Cypress Creek at Forest Lane, a mixed-income housing project in Lake Highlands, is continuing to move forward despite staunch opposition from various community members, including the area’s City Council representative.

Dallas City Council plans to acquire an approximately 2.85-acre tract of land located at 11520 N. Central Expressway and lease it to developer Sycamore Strategies to get the housing project developed. During its May 10 meeting, City Council listened to a range of community concerns before ultimately deciding to move forward with acquiring the land.

The backstory

The Cypress Creek project would include a four-story mid-rise apartment building with a wrapped parking structure that would include 189 residential units, a coworking space and a dog park. At least 100 of those units would be reserved for low-income households that earn between 30%-80% of the area’s median income of $58,231.

The project was first proposed to City Council in 2021, and has faced various challenges and delays since. The property where the project would be developed faces deed restrictions, which allow only office buildings, hotels, motels and restaurants to be built there.

City Council’s decision May 10 to acquire the land and lease it to Sycamore Strategies is the latest attempt to circumvent those restrictions. The city’s involvement would make the deed restrictions unenforceable, according to a memo from Assistant City Manager Majed Al-Ghafry.

Before the decision was approved, Council Member Adam McGough, who represents much of Lake Highlands, attempted to delay the deal by sending it back to the housing committee for further consideration. Noting community opposition, he said the project needed further evaluation. The May 10 meeting was one of McGough’s last on City Council, as his term limit is up in June.

Those in favor

Those who support Cypress Creek at Forest Lane have said the project will provide much-needed affordable housing in a “high-opportunity” area. ​High opportunity areas are regions within the city of Dallas where the census tract has poverty rates of 20% or below, according to the Dallas City Hall website.

During the May 10 meeting, several people urged City Council to move forward with the project rather than continuing to delay it by seeking more input or feedback.

“There have been a lot of tools and tactics used that have [led to] delays, and delays mean attempts to kill [the project],” District 7 Council Member Adam Bazaldua said during the meeting. “If we continue to kick this can down the road because there wasn’t enough time, that’s beyond disingenuous. We have had multiple opportunities to get community engagement; we have had multiple opportunities to ask questions through various routes.”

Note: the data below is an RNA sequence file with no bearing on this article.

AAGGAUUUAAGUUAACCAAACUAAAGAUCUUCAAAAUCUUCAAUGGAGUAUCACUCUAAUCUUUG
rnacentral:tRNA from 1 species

Those opposed

Nearby property owners to the land spoke in opposition of the development, threatening to sue the city if the project is successful. They said the city would violate deed restrictions by acquiring the land and thereby violate the property rights of private developers.

McGough noted the litigation threats as one reason to continue delaying the project and seeking further input. He said his attempt to push back the project was “not just a delay tactic” but a step to address both legal and process-oriented concerns.

“It is trying to make this better before we dig ourselves our own graves on this,” McGough said during the meeting.

In previous meetings, McGough has said that he does support the development of new affordable housing projects, but he does not think Cypress Creek at Forest Lane is the right project for the Lake Highlands area.

In addition to McGough, council members Casey Thomas and Carah Mendelsohn voted against the decision to acquire the land May 10. All other present members, including Mayor Eric Johnson, voted in favor of the acquisition.

What’s next

During the May 10 meeting, City Council considered also approving a lease agreement with Sycamore Strategies, but decided to delay the deal. City Council’s Housing and Homelessness Solutions Committee will consider the lease during its May 22 meeting, and City Council is expected to vote on the proposal during its June 14 meeting.